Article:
- Strong Correlation between increased gender equality and standard of living- in a traditional house hold of two providers a man and a woman, the economic level is likely to be higher than in a house hold which is solely dependent on one provider.
AAPAM thanks the Institute of Public Administration Canada (IPAC) and the Canadian International Development Agency (CIDA) for supporting the training.
34th Roundtable Conference Preparations
The Revolutionary Government of Zanzibar will host the 34th Roundtable Conference from the 12th to 16th of November 2012. AAPAM Secretary General Mr. G.K. Scott and Finance administration officer Mr. Mugwe visited Zanzibar on the 13th of September 2012.
The team had a chance to attend a national organizing committee meeting, which is comprised of top Principal Secretaries from various Ministries. The committee brought them up to speed on the conference preparations, the conference will be held at the Zanzibar Beach Resort.
The committee is working to ensure that the large number of delegates expected to attend the conference will be well facilitated in terms of transport and accommodation facilities.
IIAS and AAPAM Sign MoU
The International Institute of Administrative Sciences (IIAS) signed a Memorandum of Understanding with the African Association of Public Administration and Management (AAPAM) in June 2012.
The parties agreed to cooperate in:
1) Sharing good practices and knowledge and conducting joint research, seminars and workshops
2) Developing mechanisms for participation and interaction at one another’s events – conferences, congresses, dialogues and other forums
3) Sharing information through access and exchange of each organization’s professional publications
4) Disseminating the specifics of this agreement throughout AAPAM and IIAS;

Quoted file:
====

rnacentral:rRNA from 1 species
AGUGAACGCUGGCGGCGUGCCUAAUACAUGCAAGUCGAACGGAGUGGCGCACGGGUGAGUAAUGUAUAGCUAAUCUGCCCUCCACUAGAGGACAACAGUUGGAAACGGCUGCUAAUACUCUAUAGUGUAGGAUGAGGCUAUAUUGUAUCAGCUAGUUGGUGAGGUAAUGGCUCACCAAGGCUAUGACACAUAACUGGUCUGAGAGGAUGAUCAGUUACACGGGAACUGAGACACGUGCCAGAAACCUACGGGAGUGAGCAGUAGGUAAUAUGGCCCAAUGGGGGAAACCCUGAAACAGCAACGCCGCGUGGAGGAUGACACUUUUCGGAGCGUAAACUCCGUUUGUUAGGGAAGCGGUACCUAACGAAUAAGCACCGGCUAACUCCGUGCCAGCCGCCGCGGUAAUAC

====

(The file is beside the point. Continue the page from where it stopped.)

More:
5) Any other activity of mutual interest
The MoU was signed by Director General of IIAS Mr. Loretan on behalf of IIAS and by Secretary General of AAPAM Mr. G.S. Scott on behalf of AAPAM.
AAPAM AND UNCDF BUILDING CAPACITY ON AFRICAN DECENTRALIZATION EFFORTS
In Africa, the current efforts to strengthen local governance stem from the realization of the challenges of the post-independence centralized systems to deliver public services. Effective decentralization is today regarded as an element of good governance and an expression of democratic practice and effective, efficient public administration. However although fiscal decentralization is a key element to the process public servants shy away from issues relating to its development.
In order to allow a better understanding of fiscal decentralization and to demystify the intense subject field, AAPAM successfully partnered with UNCDF to host a panel session and concurrent workshop during the 33rd Roundtable on Local Development Financing. The High level panel included leading authorities: Dr. Kadmiel Wekwere, Dr. Kodjo Mensah-Abrampa, Dr. Christel Avergne, Dr. Christel Avergne, Ms. Ziria Ndifuna, Ms. Wezi Mjojo, Dr. Vincent Hungwe and Mr. Djoume Sylla
During his presentation Dr. Wekwere stressed that local resource mobilization is the centre of decentralization which involved creating mechanisms for mobilizing and managing resources as well as creating mechanisms for managing and investing financial resources.
COOPERATION WITH CONFERENCE OF AFRICAN MINISTERS FOR PUBLIC/CIVIL SERVICE (CAMPS)
As part of the efforts to increase the visibility of the organization the Association has worked in close cooperation with CAMPS. This cooperation was evident during the CAMPS meeting held in May 2011, Nairobi, Kenya. During the conference the Association was given observer status and recognized as a key partner in the growth of the African Public Service.
The AAPAM President, Mr. Tlohang Sekhamane made a formal address at the CAMPS meeting where he briefed members on the work undertaken by AAPAM. The President outlined the opportunity for AAPAM to be used as a vehicle for popularizing the African Charter on Values and Principles of Public Service.